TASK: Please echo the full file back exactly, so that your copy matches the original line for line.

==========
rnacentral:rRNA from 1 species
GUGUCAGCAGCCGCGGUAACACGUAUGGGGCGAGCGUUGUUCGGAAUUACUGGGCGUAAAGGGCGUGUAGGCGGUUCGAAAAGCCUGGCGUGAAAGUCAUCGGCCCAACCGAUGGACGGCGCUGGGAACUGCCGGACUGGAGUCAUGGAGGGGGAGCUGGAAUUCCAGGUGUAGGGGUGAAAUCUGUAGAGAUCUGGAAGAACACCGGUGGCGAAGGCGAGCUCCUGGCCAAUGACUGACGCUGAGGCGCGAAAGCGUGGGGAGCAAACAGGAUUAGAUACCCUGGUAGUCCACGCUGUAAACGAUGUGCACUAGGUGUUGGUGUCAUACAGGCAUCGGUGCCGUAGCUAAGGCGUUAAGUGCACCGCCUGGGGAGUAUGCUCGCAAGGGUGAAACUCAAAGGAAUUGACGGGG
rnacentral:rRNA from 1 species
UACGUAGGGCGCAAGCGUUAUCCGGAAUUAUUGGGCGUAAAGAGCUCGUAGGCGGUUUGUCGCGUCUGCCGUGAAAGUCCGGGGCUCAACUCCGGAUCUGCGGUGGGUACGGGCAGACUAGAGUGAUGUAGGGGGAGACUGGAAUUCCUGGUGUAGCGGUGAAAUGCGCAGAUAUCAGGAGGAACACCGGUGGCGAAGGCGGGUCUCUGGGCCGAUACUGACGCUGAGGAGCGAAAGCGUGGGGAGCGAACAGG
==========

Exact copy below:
rnacentral:rRNA from 1 species
GUGUCAGCAGCCGCGGUAACACGUAUGGGGCGAGCGUUGUUCGGAAUUACUGGGCGUAAAGGGCGUGUAGGCGGUUCGAAAAGCCUGGCGUGAAAGUCAUCGGCCCAACCGAUGGACGGCGCUGGGAACUGCCGGACUGGAGUCAUGGAGGGGGAGCUGGAAUUCCAGGUGUAGGGGUGAAAUCUGUAGAGAUCUGGAAGAACACCGGUGGCGAAGGCGAGCUCCUGGCCAAUGACUGACGCUGAGGCGCGAAAGCGUGGGGAGCAAACAGGAUUAGAUACCCUGGUAGUCCACGCUGUAAACGAUGUGCACUAGGUGUUGGUGUCAUACAGGCAUCGGUGCCGUAGCUAAGGCGUUAAGUGCACCGCCUGGGGAGUAUGCUCGCAAGGGUGAAACUCAAAGGAAUUGACGGGG
rnacentral:rRNA from 1 species
UACGUAGGGCGCAAGCGUUAUCCGGAAUUAUUGGGCGUAAAGAGCUCGUAGGCGGUUUGUCGCGUCUGCCGUGAAAGUCCGGGGCUCAACUCCGGAUCUGCGGUGGGUACGGGCAGACUAGAGUGAUGUAGGGGGAGACUGGAAUUCCUGGUGUAGCGGUGAAAUGCGCAGAUAUCAGGAGGAACACCGGUGGCGAAGGCGGGUCUCUGGGCCGAUACUGACGCUGAGGAGCGAAAGCGUGGGGAGCGAACAGG